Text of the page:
I first met Amin two years ago. He was a refugee from Afghanistan looking for living accommodations outside of the government-assigned camp. He told me that finding an out-of-camp accommodation was his first step towards creating a better life as a forcibly displaced person. Amin said that camps are often overcrowded and that residents usually do not enjoy the freedoms that an out-of-camp accommodation brings. My conversation with Amin made me think about how a simple decision like where to live —either inside the camp or out— could have inevitable consequences and ultimately affect the refugees' quality of life (QOL).
While it is mainly the mandate of the United Nations High Commissioner for Refugees (UNHCR) or the United Nations Relief and Works Agency (UNRWA) to receive refugees, whether refugees live in a refugee camp or among the population is at the discretion of local policy or the refugee's choice.. Although living outside of the camps can increase refugees' freedom, integration, and likelihood to participate in economic activities, the safety nets enjoyed inside the camp disappear, as does the sense of belonging and community spirit among the refugees. In urban areas, refugees may struggle to pay rent and end up living in substandard dwellings. Despite these constraints, where policy allows, most refugees often choose to live outside refugee camps
This decision to live outside of the camp may be motivated by four key factors—freedoms, housing conditions, social networks, and economic participation. Refugee camps limit refugee rights and freedoms since the refugees are often under the authorities' constant watch. Most refugee camps are overcrowded, which makes residents vulnerable to disease. Camps—especially those situated far from the cities—isolate refugees from networks that may support them and reduce their ability to integrate.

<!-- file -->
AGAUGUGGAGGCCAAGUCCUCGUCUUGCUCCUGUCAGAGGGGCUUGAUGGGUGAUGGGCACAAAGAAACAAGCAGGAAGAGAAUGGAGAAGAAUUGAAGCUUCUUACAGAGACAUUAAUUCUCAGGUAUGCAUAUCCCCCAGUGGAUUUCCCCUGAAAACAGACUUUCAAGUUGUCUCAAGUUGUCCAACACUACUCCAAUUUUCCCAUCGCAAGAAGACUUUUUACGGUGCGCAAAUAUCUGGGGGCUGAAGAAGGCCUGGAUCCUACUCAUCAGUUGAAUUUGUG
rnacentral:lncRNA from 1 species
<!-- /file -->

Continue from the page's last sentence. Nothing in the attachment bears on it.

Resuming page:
I have analyzed the QOL for Syrian refugees living in Jordan in a new study that looks at differences between in-camp vs. out-of-camp refugees. The study examines why refugees choose to live outside of camps and how this decision affects their QOL. Unlike previous studies that mainly used income or economic participation to measure refugees' QOL, this study broadens the perspective by using multidimensional QOL indicators. The study shows that .
Previous studies on the welfare of Syrian refugees in Jordan show that out-of-camp refugees often endure bad living conditions, have limited access to public facilities, work in informal jobs, and pay high rent. Because they have less contact with officials, they often lack access to information and may not be fully informed about their rights. These issues can put out-of-camp refugees at a disadvantage compared to camp residents, affecting their QOL.